Yesterday the 4th to the last spaghetti squarrrsh from 2021 got cooked up. Lot’s of butter, onion chips, pepper. That’s it. Delicious, after more than six months after harvest.
Meanwhile, same day, these asparagi were harvested and cut up raw and put into a coleslaw salad:
Please don’t say asparagusses or asparagooses. Just don’t. There’s name is not Gus and they’re not geese. The plural for goose is not gooses. I think everyone should have a couple of years of Latin grammar school and a couple more in middle school and a couple more in high school.
For that matter, being that Holy Week is almost upon us, don’t say that Jesus was scorged at the pillar. It’s like being brave, as in courage, or like a nickname for a dog, that is, “cur” – cŭr. Thus, scourged is like scŭrged, with a “short” “u”. Sorry, my pet peeve.
I can’t help myself. It’ not that we’re against being “vaxxed” with abortion tainted fake “vaccines.” We’re against receiving such “vaccines.” Why’s that? Doing up a bit of historical philology, “x” is actually an abbreviation for “ks” in Greek. That old cow “vacca” (whence we get “vaccine”) has a “c” closing a syllable and another opening a syllable. “Vaxxed” would be “vaksksed” or “vacccced” in derivation. I think we should teach Greek to kids as well, and Hebrew. Sacred Scripture is most important, and we need honest to goodness Catholics learning these languages instead of just leaning on the heretics we have at present.
Meanwhile, the first tomato blossom:
No bragging going on here. Humiliation for planting way too early may soon follow. This weekend we’re supposed to have a few mornings well below freezing and tomatoes are super-susceptible to cold. I’ve had to put the five gallon buckets over them a few times already. They survived. Lot’s of water dripping off them in the morning when I took the buckets off, but that water didn’t freeze. I’m concerned, however, for what’s to come. We’ll see what happens.
I still have to plant string beans and October beans and corn. That patch, half of it yet, still has to be weeded and fertilized and have good soil put over the top before planting. A little bit every day. These few moments of exercise are doing wonders for me on all levels. God is good.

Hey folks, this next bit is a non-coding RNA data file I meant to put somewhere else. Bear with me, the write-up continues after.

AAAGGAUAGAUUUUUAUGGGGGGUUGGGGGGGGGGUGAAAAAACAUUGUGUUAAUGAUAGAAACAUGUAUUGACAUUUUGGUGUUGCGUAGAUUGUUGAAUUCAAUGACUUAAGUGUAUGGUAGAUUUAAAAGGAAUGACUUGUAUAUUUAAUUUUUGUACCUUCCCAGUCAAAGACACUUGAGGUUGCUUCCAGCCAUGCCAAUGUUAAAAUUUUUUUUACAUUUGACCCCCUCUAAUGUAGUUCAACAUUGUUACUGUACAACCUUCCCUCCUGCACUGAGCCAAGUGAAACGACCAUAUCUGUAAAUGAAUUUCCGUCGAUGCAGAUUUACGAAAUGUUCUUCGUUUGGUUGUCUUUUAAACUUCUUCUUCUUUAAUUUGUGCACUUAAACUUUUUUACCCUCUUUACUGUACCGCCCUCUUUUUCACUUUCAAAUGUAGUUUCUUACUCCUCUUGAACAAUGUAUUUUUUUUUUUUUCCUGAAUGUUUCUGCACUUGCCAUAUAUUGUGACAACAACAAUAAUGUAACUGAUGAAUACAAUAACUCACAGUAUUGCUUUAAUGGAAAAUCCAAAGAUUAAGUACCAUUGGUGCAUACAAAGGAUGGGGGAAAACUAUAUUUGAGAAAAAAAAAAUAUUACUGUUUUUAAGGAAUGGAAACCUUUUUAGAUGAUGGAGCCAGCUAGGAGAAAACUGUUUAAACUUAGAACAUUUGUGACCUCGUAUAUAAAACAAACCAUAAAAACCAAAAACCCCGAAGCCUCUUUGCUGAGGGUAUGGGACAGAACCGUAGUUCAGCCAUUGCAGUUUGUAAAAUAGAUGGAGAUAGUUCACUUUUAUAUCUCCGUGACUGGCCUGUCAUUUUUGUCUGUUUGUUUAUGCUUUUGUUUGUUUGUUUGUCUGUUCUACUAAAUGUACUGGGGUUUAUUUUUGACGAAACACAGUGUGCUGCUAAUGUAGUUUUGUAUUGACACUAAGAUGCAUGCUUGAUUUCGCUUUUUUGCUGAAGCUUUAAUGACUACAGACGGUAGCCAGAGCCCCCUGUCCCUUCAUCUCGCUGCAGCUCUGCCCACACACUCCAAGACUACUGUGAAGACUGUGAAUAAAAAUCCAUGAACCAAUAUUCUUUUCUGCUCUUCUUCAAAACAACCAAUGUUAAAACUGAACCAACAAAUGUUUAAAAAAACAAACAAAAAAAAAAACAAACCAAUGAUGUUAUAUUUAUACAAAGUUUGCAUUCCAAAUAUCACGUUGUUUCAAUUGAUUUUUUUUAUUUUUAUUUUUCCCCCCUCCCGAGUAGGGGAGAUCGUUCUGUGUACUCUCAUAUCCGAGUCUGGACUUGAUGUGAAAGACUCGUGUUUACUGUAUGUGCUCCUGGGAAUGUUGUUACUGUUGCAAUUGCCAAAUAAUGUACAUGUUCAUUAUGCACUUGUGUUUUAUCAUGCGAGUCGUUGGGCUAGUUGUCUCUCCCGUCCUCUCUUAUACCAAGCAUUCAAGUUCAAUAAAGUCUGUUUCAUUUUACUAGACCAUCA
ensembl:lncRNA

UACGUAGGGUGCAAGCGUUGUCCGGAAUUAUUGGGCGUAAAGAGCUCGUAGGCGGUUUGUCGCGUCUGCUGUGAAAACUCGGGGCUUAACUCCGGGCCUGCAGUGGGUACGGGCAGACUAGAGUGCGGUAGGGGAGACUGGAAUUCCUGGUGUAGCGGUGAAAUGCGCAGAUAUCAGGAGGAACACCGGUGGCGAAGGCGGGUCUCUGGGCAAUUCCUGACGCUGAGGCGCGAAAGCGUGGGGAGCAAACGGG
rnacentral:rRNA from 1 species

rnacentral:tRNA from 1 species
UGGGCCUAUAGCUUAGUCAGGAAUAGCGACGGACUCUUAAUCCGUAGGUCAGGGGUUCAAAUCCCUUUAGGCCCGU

I call to mind a group in our diocese in and around Charlotte who are doing up gardening as a kind of Catholic movement. I couldn’t agree more with them. It’s not just about prepping and good taste and exercise and the sociability that goes with it – and there is plenty of sociability as people share tips and… fertilizer… and such.
But there’s also a reclaiming of the theology of work, something Pius XII was all for when he instituted May 1 as the feast of Saint Joseph the Worker. God created us to be coworkers with Him in creation for the sake of praising Him in His wondrous creation and for the sake of charity in every way. And that’s a spiritual “experience” if you will in every way.
But original sin dumbed all that down so that we end up growing thistles and spreading those to the neighbors’ gardens. Grrr… And now we have the ugly hated “labor” of the “proletariat” that is structured to be slavery for the state. Now we have the “kill ’em all” mentality of Russia murdering through the decades hundreds of millions (perhaps well over a billion world wide) from Stalin to Putin. No individual rights, just cogs in a wheel to be replaced at whim.
Gardening with a prayerful spirit, with Joseph and Jesus, doing the hard work of tilling and fertilizing and weeding and pruning and staking and varmint hunting, and with dearest Mary for harvesting for the meal five minutes later is most refreshing for the soul. And, you can bet a few Hail Marys are said… you know… for the souls in purgatory… Hail Mary…